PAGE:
Sunday, September 15, 2013

... Along the way for the week of September 15, 2013

This week I was studying the story of the Tower of Babel and was reflecting on the efforts of the people to build a tower that reaches up to heaven.

One of the thoughts that came to my mind is this ... Why do we hate the cross so much?  As human beings we would rather find any other way to God than to take the way He Himself has provided, which involves a Roman cross.  So why do we hate the cross?

I can think of three reasons why I have a tendency to hate the cross.

First, I have a tendency to hate the cross because it shows me how helpless I really am.  At the cross I see the awfulness of my sin, and learn that all my efforts at "self" righteousness fall hopelessly short of the righteousness God requires.  I have a tendency to hate being helpless, and thus I have a tendency to hate the cross.

Second, I have a tendency to hate the cross because it seems to offer an inconsistent view of God.  When God's justice and mercy are revealed, to me (and my human mind) they look like hate and love.  My human intellect cannot find a good reason to crucify anyone, let alone my own child.  This tendency has led some commentators to call our view of substitutionary atonement nothing short of divine child abuse.  If God is love, then the God who sends His Son to the cross to pay the penalty for sin seems inconsistent.   Therefore, I have a tendency to hate the cross.

Finally, I have a tendency to hate the cross because it shows me that obedience to God may involve suffering.  I do not like to suffer.  In fact, I hate it.  Yet when I survey the cross I see that Jesus was obedient to death, even death on a cross.  If the cross leads to suffering, then it is one more reason for me to have a tendency to hate the cross.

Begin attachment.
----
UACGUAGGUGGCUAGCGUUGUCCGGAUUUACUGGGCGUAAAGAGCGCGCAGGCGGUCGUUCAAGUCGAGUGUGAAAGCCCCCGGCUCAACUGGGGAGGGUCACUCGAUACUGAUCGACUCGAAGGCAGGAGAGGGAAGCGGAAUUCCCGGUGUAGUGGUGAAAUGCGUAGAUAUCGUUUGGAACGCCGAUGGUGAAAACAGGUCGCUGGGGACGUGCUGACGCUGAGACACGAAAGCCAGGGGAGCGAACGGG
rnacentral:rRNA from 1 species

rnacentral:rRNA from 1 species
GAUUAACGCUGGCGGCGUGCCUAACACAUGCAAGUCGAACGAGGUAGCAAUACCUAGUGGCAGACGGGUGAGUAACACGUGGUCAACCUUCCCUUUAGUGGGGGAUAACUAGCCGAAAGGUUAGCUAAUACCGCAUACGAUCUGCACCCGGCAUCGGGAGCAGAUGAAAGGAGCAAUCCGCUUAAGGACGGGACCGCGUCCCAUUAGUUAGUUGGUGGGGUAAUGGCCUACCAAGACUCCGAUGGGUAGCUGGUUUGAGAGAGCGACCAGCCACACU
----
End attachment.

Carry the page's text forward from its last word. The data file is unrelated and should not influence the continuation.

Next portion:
Nevertheless, with all these reasons to hate the cross, I know that ultimately the cross was for me.  It was my sin that Christ healed at the cross, and because of that I love Him.  I do not love the cross, but I love the Lord Jesus who was willing to endure the cross and scorn its shame all for the joy set before Him.  His cross leads to my crown as a child of the King.  His death leads to my life, so when I survey the awful cross I realize that what was done there demands my soul, my life, my all!

So what about you?  Do you have a tendency to hate the cross?  If so, how do you deal with the scandal of grace that involves a Roman cross?


  1. Maybe not a direct answer on your closing answer, but what I realized while reading this blog that in your third point you are talking about suffering..

    I find myself truly blessed, since the suffering doesn't feel like suffering. It is too mild to be called 'suffering'.

    We should praise God for giving us the freedom to express our faith and making it as easy as it can be to follow Him. (I should've posted this on the fourth on July, perhaps).

    I understand that suffering has many levels, but when I think of the cross and what it should mean to me, I automatically see Gods love for me. Just can't force myself to see any different.

    1. Thank you Coen for sharing your thoughts. Certainly the freedoms we enjoy in the US to worship God are something for which we can remain ever thankful. However, I would resist the tendency to classify some "suffering" as worse than others. We all "suffer". We might not suffer by being imprisoned, beaten, tortured, and even killed for our faith, but we suffer the consequences of living in a broken world. I sometimes think it might be easier to die for my faith in Jesus than it is to live for Him. And that is the challenge set before us all (the cross which we are called to bear) to live everyday, every moment for Him! It is not simply a one-time decision, but a lifelong, daily willingness to surrender my will to His.